Free trade agreements (FTAs) not only open up opportunities for Vietnam to stimulate the national economy but also reduce and gradually remove dependence on the Chinese market, towards ensuring a sustainable economic development.

Radio The Voice of Vietnam (VOV) quoted Chamber of Commerce and Industry of Vietnam (VCCI) Chairman Vu Tien Loc as saying at a recent discussion on socio-economic development in Hanoi at the current session of the 13th National Assembly (NA).

Many NA deputies stated that the illegal placement by China of its oil rig in Vietnam’s exclusive economic zone is a serious violation of Vietnam’s sovereignty and to some extent it would affect trade relations between Vietnam and China.

Loc said that Vietnam is standing on the threshold of FTAs with the world’s largest partners. Trans-Pacific Partnership Agreement (TPP) negotiations between Vietnam and its partners are entering final periods while the Vietnam-EU Free Trade Agreement (VEFTA) negotiations are expected to conclude later this year.

"Preparation for the country to seize opportunities and overcome challenges from FTAs at this time is more urgent than ever," he said.

According to Loc, Vietnam is facing new demands for maintaining stable trade relations with China and intensifying measures to ease its reliance on the Chinese market. Taking advantage of opportunities from FTAs is an effective way to achieve this goal.

More than half of Vietnam’s garment and textile materials are imported from the Chinese market and up to 90 percent of Engineering, Procurement and Construction (EPC) contracts from thermal power projects are carried out by Chinese contractors. The main reason is the abundant and relatively cheap supply of credits, raw materials and goods from China.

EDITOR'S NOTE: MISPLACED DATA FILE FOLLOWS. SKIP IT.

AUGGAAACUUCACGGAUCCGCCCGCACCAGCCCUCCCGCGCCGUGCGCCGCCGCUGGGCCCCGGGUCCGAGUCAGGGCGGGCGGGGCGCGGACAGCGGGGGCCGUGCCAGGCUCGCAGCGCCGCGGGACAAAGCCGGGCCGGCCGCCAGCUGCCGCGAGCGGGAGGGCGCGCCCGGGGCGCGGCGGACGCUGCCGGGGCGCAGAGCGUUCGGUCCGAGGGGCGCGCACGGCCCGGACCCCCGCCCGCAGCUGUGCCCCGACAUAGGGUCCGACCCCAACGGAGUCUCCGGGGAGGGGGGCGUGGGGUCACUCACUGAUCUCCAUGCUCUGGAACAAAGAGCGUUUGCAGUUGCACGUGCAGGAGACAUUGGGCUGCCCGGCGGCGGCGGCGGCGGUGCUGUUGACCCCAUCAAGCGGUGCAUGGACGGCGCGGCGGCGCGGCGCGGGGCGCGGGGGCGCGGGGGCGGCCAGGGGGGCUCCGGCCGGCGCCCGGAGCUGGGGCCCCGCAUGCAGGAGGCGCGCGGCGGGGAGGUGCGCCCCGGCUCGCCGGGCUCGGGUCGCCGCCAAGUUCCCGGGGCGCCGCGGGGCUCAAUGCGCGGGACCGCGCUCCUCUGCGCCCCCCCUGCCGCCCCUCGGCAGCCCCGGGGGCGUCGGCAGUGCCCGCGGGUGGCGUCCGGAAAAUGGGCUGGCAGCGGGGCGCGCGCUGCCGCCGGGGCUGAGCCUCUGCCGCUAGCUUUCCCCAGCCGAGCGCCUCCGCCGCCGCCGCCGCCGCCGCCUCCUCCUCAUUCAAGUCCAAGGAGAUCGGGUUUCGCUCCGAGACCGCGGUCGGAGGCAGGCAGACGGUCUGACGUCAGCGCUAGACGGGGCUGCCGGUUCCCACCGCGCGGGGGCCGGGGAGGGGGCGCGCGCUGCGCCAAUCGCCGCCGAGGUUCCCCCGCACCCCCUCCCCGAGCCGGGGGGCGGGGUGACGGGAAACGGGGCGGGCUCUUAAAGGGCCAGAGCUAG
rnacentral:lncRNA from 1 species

With its commitment to remove and at least reduce tariffs and technical barriers to the lowest levels in FTAs with the world’s leading partners in the future, Vietnam will have a good chance to import machinery, equipment, input materials, consumer goods from the US, the EU, Japan, the Republic of Korea (RoK), Australia, New Zealand and Russia.

"Vietnam can take advantage of these opportunities to attract investment in developing support industry, so as to reduce imported inputs in key business areas of the Vietnamese economy," Loc noted.

In terms of economic output, according to official figures cited by Loc at the NA session, China accounts for about 10 percent of Vietnamese exports. Despite not being the biggest export market, China is Vietnam’s biggest fruit and vegetable export market and consumes a large volume of rice and other agricultural products from Vietnam.

So, to invest enough in the output chain for goods, especially agricultural products in the demanding global markets, Loc stressed the need to find a way out for the national economy to avoid the current dependence.

“But the fact is that we are trading in a global trade and economy, where every business, every economy is bound and closely linked to each other. This is true for both Vietnam and China,” he said.

While many people are concerned about China’s reaction against Vietnam in the context of escalating tensions in the East Sea by closing its border, stopping import and export activities with Vietnam, many others said that for the time being, it is not easy for China to stop trade activities at least on a large scale.

Trade activities with Vietnam are the main source of income for some of China’s poor provinces. Vietnam is also the largest market in Southeast Asia for Chinese contractors. Chinese investors are enjoying big or small benefits from direct or indirect investment projects in Vietnam. All this makes people think twice before considering what measures should be taken.-VNA